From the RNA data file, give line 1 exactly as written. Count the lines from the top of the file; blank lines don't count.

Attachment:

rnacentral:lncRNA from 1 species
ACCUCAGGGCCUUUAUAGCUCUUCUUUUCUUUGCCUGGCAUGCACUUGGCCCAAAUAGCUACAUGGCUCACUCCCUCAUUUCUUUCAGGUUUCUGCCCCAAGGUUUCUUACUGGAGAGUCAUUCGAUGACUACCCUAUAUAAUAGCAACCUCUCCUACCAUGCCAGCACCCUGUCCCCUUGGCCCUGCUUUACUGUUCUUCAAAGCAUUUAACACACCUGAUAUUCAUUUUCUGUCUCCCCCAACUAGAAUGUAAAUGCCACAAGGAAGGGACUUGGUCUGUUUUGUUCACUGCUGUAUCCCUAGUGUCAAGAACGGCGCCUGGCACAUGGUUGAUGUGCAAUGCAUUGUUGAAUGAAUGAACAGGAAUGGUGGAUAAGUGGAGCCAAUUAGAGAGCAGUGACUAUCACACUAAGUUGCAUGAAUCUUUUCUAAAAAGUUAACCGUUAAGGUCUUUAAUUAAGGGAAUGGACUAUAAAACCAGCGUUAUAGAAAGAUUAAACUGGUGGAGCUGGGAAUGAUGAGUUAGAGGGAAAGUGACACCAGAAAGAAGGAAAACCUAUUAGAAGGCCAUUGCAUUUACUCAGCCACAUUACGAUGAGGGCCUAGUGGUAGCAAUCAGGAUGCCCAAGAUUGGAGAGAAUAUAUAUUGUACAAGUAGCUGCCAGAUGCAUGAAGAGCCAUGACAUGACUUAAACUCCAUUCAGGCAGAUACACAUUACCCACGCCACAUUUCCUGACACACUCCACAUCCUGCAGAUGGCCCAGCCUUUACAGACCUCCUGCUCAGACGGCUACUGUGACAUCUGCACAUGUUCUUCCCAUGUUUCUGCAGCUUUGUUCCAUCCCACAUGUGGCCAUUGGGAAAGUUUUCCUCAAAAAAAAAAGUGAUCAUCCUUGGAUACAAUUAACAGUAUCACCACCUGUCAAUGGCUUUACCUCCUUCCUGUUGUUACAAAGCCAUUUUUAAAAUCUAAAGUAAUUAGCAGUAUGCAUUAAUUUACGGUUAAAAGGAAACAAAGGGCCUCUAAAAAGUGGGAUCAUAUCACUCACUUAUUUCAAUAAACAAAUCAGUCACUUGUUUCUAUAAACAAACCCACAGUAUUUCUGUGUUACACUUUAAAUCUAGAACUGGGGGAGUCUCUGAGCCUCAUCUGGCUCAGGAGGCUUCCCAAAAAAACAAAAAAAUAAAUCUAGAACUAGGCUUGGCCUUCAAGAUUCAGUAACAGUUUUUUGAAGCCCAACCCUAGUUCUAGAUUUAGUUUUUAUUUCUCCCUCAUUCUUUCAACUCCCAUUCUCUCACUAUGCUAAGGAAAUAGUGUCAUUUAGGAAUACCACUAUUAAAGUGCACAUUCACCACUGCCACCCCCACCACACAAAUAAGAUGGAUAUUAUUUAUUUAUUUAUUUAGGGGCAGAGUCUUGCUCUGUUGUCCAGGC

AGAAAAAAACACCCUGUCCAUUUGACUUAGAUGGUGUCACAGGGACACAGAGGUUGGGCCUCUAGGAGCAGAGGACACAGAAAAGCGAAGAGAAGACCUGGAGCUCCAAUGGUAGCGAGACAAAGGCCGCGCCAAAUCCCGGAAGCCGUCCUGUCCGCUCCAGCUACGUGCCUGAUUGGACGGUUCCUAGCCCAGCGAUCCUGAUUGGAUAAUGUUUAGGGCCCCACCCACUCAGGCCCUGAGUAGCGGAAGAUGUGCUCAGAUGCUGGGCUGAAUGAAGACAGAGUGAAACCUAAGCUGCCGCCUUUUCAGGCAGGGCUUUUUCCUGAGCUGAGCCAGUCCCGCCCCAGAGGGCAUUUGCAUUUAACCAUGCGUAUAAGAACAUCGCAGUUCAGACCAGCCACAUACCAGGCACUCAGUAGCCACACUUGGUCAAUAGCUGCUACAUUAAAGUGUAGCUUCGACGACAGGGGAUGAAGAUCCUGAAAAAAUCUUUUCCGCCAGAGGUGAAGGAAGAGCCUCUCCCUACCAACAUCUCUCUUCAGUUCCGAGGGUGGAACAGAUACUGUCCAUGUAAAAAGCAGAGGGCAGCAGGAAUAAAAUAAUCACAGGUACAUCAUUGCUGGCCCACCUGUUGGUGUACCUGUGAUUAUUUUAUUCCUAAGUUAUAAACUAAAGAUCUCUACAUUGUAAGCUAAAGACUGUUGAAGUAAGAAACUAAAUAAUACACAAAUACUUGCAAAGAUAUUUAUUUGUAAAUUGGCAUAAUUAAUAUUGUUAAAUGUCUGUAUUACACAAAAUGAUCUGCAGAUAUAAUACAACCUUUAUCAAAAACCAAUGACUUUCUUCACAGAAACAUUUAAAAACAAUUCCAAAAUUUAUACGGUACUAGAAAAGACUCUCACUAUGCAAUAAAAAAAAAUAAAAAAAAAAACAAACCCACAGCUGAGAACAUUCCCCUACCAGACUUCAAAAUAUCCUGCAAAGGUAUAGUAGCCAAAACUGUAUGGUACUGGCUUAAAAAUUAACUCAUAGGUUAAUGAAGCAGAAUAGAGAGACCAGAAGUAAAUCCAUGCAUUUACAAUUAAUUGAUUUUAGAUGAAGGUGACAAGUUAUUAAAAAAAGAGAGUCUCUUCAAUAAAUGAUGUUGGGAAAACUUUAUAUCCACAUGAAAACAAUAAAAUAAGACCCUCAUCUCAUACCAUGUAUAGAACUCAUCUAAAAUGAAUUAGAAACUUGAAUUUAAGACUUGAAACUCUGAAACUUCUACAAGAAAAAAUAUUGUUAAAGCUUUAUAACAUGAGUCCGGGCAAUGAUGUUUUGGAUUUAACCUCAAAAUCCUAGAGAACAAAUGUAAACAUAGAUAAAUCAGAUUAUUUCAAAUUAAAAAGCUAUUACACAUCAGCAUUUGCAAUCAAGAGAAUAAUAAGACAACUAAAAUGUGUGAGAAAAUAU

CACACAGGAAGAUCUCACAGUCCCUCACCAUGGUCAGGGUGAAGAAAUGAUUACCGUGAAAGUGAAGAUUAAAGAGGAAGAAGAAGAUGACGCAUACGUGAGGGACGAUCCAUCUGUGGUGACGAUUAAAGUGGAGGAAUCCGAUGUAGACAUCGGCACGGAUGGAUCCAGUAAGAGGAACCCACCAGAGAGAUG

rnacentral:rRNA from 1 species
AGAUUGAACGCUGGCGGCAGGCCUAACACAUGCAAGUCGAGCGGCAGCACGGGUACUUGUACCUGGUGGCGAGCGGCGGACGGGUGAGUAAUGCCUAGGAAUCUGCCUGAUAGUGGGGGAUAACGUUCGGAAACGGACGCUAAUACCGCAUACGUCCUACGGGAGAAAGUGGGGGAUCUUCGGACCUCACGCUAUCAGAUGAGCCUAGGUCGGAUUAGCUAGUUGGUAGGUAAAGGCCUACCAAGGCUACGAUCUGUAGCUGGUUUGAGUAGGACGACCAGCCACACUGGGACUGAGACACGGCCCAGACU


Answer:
rnacentral:lncRNA from 1 species